4. Corrina Moucheraud, ScD, MPH & Raphael J. Landovitz, MD, MSc

Presentation Title:
The Incentives for Prevention Study (TIPS): Financially Incentivizing Strategies for HIV prevention in High-Incidence Populations in LA County - Slides

Presentation Summary: TIPS is a recently-funded project (an Ending the HIV Epidemic supplement to CHIPTS) that is using a mixed methods approach to understand how best to design an investigational financial incentives program for PrEP use and HIV prevention among young, Latino, Black and African American, cisgender men who have sex with men in South Los Angeles. This represents a collaborative research endeavor between investigators at UCLA, APLA Health & Wellness, and DHSP; and aims to generate policy- and program-relevant insights.

Event Description

The 2022 CHIPTS HIV Next Generation Virtual Conference is this upcoming Friday, January 28, 2022 from 9:00 AM – 12:30 PM. The conference is VIRTUAL and FREE to attend. Access the conference recap with opening remarks, open plenary, and panel discussions. https://chipts.ucla.edu/news/chipts-2022-hiv-next-generation-virtual-conference-recap/

Please REGISTER if you would like to attend. The conference is organized to support the next generation of HIV researchers and service providers who are working towards an end to HIV/AIDS through networking and sharing visions for future priorities. The theme of this year’s conference is “Resilience and Risk: Changing Paradigms.” The conference will feature oral and poster presentations by faculty, student and emerging researchers from various institutions.

Download conference program:
2022 Next Generation Conference Program

Download agenda only:
2022 Next Generation Conference Agenda

Download oral presentations:
2022 Next Generation Conference Oral Presentations

Download poster presentations:
2022 Next Generation Conference Poster Presentations

Download: [Download not found]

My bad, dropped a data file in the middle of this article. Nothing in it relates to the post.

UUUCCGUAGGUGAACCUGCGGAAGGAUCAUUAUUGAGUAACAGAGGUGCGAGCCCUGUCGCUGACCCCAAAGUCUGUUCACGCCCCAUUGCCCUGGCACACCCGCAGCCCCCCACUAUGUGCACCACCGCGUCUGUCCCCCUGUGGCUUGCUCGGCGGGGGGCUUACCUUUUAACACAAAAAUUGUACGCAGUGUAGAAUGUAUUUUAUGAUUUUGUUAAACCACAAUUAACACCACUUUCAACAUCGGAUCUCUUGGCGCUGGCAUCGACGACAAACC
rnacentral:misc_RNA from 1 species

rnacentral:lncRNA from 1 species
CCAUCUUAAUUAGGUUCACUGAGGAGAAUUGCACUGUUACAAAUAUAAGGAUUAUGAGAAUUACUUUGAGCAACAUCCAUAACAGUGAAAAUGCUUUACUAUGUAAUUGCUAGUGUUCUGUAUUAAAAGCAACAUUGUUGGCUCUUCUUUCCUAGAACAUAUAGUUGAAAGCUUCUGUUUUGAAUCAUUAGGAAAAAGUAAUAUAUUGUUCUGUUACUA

We invite you to take a look at the poster presentations below which will be featured at the 2022 Next Generation Virtual Conference.

CEU credits: Attend the conference, and sign in and out using the form that will be provided to receive credits. The PAETC will follow up post-conference.

The Pacific AIDS Education and Training Center – Los Angeles Area is accredited to provide the following: Continuing LCSW and MFT Education Credit. Courses meet the qualification for a maximum 3.5 hour of continuing education credit for LMFTs, LCSWs, LPCCs, and LEPs as required by the California Board of Behavioral Sciences. Provider #PCE 128280. Continuing Nursing Education Credit. Course is approved for a maximum of 3.5 contact hour by the California Board of Registered Nursing. Provider #15484.

Conference Poster Presentations

Poster Presentation 1

Presenter(s):

  • Cherie Blair, MD, PhD, Assistant Professor, Department of Medicine, Department of Medicine, Division of Infectious Diseases, David Geffen School of Medicine at UCLA

Presentation Title: HIV, Methamphetamine Use, and Pulmonary Hypertension: From Blue Skies to an Integrated Research Agenda

Summary: This project was funded by the 2021 CHIPTS Kickstarter Grant. We will present findings from a joint UCLA/CHIPTS and Stanford symposium to develop a collective research agenda to identify and address the overlapping behavioral, biomedical, and social contexts of HIV, methamphetamine use, and pulmonary hypertension

 

 

 

 

 

 

 

 

 

 

 

 

 

 

Poster Presentation 2

Presenter(s):

  • Ekrem Cetinkaya, MS, Medical Student, Rowan University School of Osteopathic Medicine
  • Eshani Choksi, BS, Medical Student, Rowan University School of Osteopathic Medicine
  • Surayya Miller, MBS, Medical Student, Rowan University School of Osteopathic Medicine
  • Nishawn Rahaman, MS, Medical Student, Rowan University School of Osteopathic Medicine
  • Krzysztof Zembrzuski, BA, Medical Student, Rowan University School of Osteopathic Medicine

Presentation Title: Risk Factors for HIV Progression Among Males Ages 18-35 in Essex County, New Jersey: A Literature Review

Summary: This presentation summarizes various risk factors that were identified in literature, that affect HIV progression and poor prognosis. We chose the 18-35-year-old male population in Essex County, New Jersey, as we believe that this population specifically faces extensive socioeconomic disadvantages that have contributed to the extremely high prevalence of HIV in this region. We believe that highlighting the risk factors that predispose this population to poorer outcomes is imperative in facilitating change to allocate more resources and attention to individuals in this area.